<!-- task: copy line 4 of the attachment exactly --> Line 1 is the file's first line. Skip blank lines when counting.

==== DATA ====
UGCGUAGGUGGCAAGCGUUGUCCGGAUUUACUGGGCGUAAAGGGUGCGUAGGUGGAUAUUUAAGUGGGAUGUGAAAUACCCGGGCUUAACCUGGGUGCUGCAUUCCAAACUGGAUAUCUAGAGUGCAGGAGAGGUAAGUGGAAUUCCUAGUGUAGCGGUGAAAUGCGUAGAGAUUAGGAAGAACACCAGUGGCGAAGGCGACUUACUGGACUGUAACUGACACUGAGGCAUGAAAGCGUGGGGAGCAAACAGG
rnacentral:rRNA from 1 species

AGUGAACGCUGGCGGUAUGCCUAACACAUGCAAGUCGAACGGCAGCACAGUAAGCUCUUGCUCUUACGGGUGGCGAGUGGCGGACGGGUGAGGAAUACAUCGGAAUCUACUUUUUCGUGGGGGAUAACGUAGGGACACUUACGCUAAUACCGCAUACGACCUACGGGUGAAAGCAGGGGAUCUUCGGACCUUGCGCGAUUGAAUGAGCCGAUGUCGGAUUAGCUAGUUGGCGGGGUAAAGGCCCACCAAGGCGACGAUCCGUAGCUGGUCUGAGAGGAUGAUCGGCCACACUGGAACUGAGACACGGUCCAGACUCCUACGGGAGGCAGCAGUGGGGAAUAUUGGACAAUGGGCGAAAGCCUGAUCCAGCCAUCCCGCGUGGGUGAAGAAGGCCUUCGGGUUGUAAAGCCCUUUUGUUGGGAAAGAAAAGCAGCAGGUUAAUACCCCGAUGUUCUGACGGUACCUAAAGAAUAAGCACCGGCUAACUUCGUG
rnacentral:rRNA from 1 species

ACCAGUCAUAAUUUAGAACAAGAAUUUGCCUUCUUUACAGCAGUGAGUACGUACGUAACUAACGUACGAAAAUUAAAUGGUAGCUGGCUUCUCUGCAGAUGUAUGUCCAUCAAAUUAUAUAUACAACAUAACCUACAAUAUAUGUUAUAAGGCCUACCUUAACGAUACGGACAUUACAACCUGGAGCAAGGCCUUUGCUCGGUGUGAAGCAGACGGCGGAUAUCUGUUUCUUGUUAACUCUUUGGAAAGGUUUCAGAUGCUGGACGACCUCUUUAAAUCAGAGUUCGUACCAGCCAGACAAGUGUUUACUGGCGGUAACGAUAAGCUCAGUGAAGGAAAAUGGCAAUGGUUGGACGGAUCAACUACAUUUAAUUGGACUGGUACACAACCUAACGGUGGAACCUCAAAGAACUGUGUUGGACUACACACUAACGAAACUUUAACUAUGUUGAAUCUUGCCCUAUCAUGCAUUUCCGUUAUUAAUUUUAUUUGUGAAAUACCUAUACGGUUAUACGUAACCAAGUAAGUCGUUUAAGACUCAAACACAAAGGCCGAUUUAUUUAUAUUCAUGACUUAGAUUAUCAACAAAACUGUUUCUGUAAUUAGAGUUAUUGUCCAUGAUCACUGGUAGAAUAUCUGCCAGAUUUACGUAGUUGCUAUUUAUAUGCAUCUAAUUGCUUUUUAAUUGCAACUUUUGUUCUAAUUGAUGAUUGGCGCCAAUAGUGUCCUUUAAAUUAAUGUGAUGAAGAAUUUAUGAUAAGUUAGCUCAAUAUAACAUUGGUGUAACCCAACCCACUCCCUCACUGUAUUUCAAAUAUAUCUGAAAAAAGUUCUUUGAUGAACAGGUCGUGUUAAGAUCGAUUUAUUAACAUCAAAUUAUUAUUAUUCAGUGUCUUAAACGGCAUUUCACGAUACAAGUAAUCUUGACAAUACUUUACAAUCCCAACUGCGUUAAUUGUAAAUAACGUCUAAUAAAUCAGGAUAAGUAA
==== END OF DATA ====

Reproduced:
rnacentral:rRNA from 1 species